- La Nana embrochée (Skewered Nana) turning on La Machine (The Machine) like a chicken on a spit
- La Rotozaza (The Rotozaza) petting La Bête gentille (The Gentle Beast) with its claws
- La Folle (The Crazy Girl) swirling in front of La Nana arbre (Nana tree)
- Le Piqueur (The Stinger) poking L’Oiseau (The Bird)
- La Fleur (The Flower), La Baigneuse (The Swimming Lady) and La Nana sur la Tête (Nana Upside-down)
At the end of March 1967 the 15 sculptures were ready to be packed and transported on board a cargo plane chartered by the French army.
Exhausted from frantic work, Niki lost 15 pounds and had to be hospitalized for pneumonia at the American Hospital in Neuilly.
Even before the inauguration of the Expo67, the International Press was unanimous: endorsing Saint Phalle & Tinguely to represent the French avant-garde at an event of such a magnitude was a bold gesture.
Maybe you never heard of Niki. But you will. My humble prophesy is she will be the find of the Expo 67.
Montreal Star, Canada, March 25th 1967
Once the works were revealed on April 28th, some critics were enthusiastic and … others outraged.
The only crazy incongruity [...] is on the terrace of the pavilion where the monstrous "Nanas" of Niki de Saint Phalle are almost raped by the atrocious machines of Tinguely.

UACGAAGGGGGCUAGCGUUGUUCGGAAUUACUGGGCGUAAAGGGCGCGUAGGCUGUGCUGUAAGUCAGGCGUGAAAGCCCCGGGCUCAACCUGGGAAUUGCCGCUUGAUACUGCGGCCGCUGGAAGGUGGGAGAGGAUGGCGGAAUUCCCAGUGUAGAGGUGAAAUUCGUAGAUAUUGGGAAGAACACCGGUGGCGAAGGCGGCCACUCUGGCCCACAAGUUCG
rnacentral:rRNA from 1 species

Pourquoi Pas Bruxelles, May 25th 1967
The entire roof deck of the French Pavilion is given over to a spectacular exhibit of work by Jean Tinguely and Niki de Saint Phalle. It’s Expo’s single most impressive sculpture exhibit.
David Bourdon for Art International – September 20th 1967
When Expo67 came to an end in October, the Fantastic Paradise was dismantled. Niki’s sculptures were cut into pieces to travel by truck and be exhibited at the Albright-Knox Art Gallery in Buffalo, New York. The artists had to restore the work but their “fight in paradise” received a much warmer welcome in the press and in the public than in Canada.
The new “Paradis Fantastique” show in the outdoor Sculpture Garden at the Albright-Knox Art Gallery is one that will bowl you over, delight, amuse and beguile you.
Buffalo Evening News, November 21st 1967
After Buffalo, the Fantastic Paradise was moved to the Conservatory Garden Lawn, in Central Park, NYC for one year. Over there, too, the public reaction was very favorable.
A small visitor strolls amid Niki’s Nanas and Tinguely machines, and decides that “they can stay on our grass forever” – Extract from New York June 3, 1968, photograph Jill Krementz
At the end of its journey, the question arose about the future of the sculpture group. Pontus Hulten, Director of Moderna Museet in Stockholm, accomplice and longtime friend of the artists offered a solution. He asked them to donate the whole set to the Moderna Museet in exchange of its life-long conservancy and display in the Swedish Capital. Jean and Dominique de Menil, collectors and friends, generously financed its return in Europe.
Since its creation in 1967 Niki de Saint Phalle repainted the Fantastic Paradise but the provoking sculpture can still be enjoyed everyday, outside, on Skeppsholmen an island in central Stockholm.